Given its blatant anti-Semitism, the U.N. should remove from its entrance the famous phrase that ostensibly defines its mission: "They shall beat their swords into plowshares, their spears into pruning hooks. Nation shall not lift up sword against nation, neither shall they learn war any more." This, after all, is a quote from Isaiah.

For another example, see the recent ICJ decision ordering Israel to tear down its security fence. In the last four months two Israelis have died in suicide attacks, compared with 166 killed in the same time frame at the height of the terror. Israel finally finds a nonviolent, changeable way to stop terrorism, and 14 judges in The Hague rule it illegal -— in an opinion read by a chief judge representing China, which massacred hundreds of its own citizens who were demonstrating peacefully in Tiananmen Square. In the decision, the word "terrorism" appears not once (except when citing Israeli claims).

The decision is based on the phony pretext that the 1949 cease-fire line is in fact Israel's boundary. That has yet to be determined. The Palestinians -- who claim all of Israel -- have never accepted that boundary. But based on that, the court declared itself “not convinced” that Israel needs this barrier for its security. It said the fence violates Palestinian “humanitarian” rights such as “the right to work, to health, to education and to an adequate standard of living as proclaimed in the International Covenant on Economic, Social and Cultural Rights and in the United Nations Convention on the Rights of the Child.”

What about Israelis' right not to get blown to smithereens while riding the bus to work? What about the rights of Isreali Palestinians, who are as often victims of these bombers?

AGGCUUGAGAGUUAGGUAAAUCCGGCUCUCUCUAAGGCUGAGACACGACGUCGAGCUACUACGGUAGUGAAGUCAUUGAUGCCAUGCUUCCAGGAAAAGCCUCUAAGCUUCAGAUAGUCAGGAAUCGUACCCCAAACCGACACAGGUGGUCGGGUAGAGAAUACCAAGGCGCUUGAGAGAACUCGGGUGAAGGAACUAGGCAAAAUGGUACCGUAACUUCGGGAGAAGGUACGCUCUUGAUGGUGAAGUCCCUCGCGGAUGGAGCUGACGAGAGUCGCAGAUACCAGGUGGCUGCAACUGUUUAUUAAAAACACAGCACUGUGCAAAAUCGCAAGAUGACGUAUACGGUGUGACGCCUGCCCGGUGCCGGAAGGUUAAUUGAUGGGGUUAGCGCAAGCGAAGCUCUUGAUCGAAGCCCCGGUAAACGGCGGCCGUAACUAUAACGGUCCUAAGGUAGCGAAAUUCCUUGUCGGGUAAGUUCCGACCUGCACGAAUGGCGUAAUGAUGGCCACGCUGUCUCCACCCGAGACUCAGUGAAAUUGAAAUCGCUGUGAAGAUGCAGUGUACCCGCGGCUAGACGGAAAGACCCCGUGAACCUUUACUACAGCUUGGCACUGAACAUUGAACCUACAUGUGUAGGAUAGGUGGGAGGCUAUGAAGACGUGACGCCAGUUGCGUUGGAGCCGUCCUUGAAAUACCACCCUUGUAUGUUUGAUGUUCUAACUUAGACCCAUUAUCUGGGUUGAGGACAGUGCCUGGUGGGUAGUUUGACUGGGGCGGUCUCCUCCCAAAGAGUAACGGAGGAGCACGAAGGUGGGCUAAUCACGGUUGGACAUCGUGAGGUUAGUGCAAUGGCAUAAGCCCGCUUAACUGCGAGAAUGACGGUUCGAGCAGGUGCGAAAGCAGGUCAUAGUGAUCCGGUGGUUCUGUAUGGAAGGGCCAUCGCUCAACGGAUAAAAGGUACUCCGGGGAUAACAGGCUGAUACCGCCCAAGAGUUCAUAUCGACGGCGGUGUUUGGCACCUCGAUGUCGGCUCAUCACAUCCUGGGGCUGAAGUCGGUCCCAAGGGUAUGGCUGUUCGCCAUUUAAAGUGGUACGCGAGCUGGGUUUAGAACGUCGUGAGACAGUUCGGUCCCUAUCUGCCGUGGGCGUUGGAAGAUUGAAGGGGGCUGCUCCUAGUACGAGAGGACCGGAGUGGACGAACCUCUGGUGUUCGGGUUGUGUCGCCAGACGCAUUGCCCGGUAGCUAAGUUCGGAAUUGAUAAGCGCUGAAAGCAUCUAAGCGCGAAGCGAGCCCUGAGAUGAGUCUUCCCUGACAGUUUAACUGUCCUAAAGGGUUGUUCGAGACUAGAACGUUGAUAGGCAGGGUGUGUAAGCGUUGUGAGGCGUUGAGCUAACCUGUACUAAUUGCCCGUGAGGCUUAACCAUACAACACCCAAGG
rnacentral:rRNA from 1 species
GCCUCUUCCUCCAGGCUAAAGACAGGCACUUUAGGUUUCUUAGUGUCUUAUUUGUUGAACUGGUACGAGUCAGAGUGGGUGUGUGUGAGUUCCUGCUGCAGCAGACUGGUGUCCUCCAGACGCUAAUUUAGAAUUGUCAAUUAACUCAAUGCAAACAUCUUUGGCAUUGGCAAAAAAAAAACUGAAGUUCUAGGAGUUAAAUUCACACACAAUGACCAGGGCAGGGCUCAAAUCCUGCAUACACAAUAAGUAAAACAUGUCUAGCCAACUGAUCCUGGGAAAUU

As a U.S. newspaper columnist (Charles Krauthammer) wrote this week, "Yes, the fence causes some hardship to Palestinians. Some are separated from their fields, some schoolchildren have to walk much farther to class. This is unfortunate. On any scale of human decency, however, it is far more unfortunate that 1,000 Israelis are dead from Palestinian terrorism, and thousands more horribly maimed, including Israeli schoolchildren with nails and bolts and shrapnel lodged in their brains and spines who will never be walking to school again."

Even if it had not been hijacked by anti-Semites and anti-Americans, and even if it were not hopelessly corrupt (the pre-war Iraq food-for-oil bribery scandal is a great example), The U.N., like the Geneva Conventions, is simply out of date. It is set up to deal with problems that have changed and mutated, while the organization itself has not.

Its charter is meant to regulate a world of nation-states. International relations generally now stabilized throughout much of the world. The U.N. could still perform some useful role and exercise some authority -- as it did in East Timor -- in places where they are not (such as the recent wars in West Africa), if it had the balls to actually get up off its ass and claim that authority.

But nothing in the U.N. charter allows it to get involved in inter-national crises without an invitation. And the current leadership of the U.N. clearly has no stomach for that sort of work. So Saddam butchers the Kurds and the Shiites and nobody at the U.N. lifts a finger. Yet these kinds of dlaughter are what causes the most suffering in the world today. Neither does the U.N. have any mechanism to deal with extra-state forces like international terror. Yet these, not nation-state wars, are driving the current crisis in the world, and I am willing to bet they will remain the fountains of global violence for the rest of my lifetime and yours.